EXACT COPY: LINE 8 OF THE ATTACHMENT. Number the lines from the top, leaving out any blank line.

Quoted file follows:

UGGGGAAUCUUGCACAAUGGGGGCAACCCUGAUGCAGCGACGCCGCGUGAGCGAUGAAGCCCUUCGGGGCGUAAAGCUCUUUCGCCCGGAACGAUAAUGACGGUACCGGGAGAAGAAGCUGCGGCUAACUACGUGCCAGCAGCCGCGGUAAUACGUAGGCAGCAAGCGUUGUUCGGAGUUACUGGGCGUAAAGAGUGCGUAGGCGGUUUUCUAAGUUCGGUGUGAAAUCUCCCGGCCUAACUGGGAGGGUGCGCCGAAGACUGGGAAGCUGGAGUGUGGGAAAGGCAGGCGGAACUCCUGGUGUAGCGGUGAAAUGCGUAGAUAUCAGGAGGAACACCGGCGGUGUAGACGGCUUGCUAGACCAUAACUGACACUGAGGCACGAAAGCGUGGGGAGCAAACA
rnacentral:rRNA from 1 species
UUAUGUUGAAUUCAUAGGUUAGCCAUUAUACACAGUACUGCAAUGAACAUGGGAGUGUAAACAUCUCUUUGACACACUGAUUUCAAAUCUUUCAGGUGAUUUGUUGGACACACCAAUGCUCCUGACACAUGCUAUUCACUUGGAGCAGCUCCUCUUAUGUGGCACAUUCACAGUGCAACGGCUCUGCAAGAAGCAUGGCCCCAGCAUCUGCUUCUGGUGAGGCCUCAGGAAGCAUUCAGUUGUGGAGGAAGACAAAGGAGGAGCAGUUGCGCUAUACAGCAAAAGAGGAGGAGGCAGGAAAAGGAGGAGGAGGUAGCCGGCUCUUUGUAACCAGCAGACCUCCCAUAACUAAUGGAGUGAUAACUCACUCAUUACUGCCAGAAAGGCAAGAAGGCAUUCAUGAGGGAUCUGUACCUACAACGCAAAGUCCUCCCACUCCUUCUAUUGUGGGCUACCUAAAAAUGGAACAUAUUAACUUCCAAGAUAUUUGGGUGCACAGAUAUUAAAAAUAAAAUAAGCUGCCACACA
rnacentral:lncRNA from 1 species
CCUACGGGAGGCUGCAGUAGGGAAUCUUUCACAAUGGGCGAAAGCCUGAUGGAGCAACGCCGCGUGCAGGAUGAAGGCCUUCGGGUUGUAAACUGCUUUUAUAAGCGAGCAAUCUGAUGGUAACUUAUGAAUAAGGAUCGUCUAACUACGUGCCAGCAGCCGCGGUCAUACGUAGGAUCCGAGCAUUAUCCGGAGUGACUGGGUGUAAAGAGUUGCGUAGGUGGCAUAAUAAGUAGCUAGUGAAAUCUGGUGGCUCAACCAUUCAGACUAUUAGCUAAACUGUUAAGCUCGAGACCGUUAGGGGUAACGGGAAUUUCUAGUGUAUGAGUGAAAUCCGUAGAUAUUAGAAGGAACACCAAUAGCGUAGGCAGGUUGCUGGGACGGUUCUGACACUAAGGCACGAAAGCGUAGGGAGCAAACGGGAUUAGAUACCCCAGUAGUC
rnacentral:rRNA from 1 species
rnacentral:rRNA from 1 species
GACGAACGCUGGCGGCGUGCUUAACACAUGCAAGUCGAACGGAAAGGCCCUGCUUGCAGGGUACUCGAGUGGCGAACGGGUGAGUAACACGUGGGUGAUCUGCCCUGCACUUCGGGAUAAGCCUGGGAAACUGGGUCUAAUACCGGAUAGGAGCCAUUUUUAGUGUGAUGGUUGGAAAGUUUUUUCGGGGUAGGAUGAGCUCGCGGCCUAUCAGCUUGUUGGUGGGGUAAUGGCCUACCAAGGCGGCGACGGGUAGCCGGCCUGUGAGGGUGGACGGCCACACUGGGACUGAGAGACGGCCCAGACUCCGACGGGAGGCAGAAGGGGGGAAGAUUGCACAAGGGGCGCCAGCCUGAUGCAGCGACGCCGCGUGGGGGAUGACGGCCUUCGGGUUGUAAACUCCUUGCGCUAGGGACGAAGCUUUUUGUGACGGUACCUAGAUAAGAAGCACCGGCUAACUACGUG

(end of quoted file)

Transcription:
GACGAACGCUGGCGGCGUGCUUAACACAUGCAAGUCGAACGGAAAGGCCCUGCUUGCAGGGUACUCGAGUGGCGAACGGGUGAGUAACACGUGGGUGAUCUGCCCUGCACUUCGGGAUAAGCCUGGGAAACUGGGUCUAAUACCGGAUAGGAGCCAUUUUUAGUGUGAUGGUUGGAAAGUUUUUUCGGGGUAGGAUGAGCUCGCGGCCUAUCAGCUUGUUGGUGGGGUAAUGGCCUACCAAGGCGGCGACGGGUAGCCGGCCUGUGAGGGUGGACGGCCACACUGGGACUGAGAGACGGCCCAGACUCCGACGGGAGGCAGAAGGGGGGAAGAUUGCACAAGGGGCGCCAGCCUGAUGCAGCGACGCCGCGUGGGGGAUGACGGCCUUCGGGUUGUAAACUCCUUGCGCUAGGGACGAAGCUUUUUGUGACGGUACCUAGAUAAGAAGCACCGGCUAACUACGUG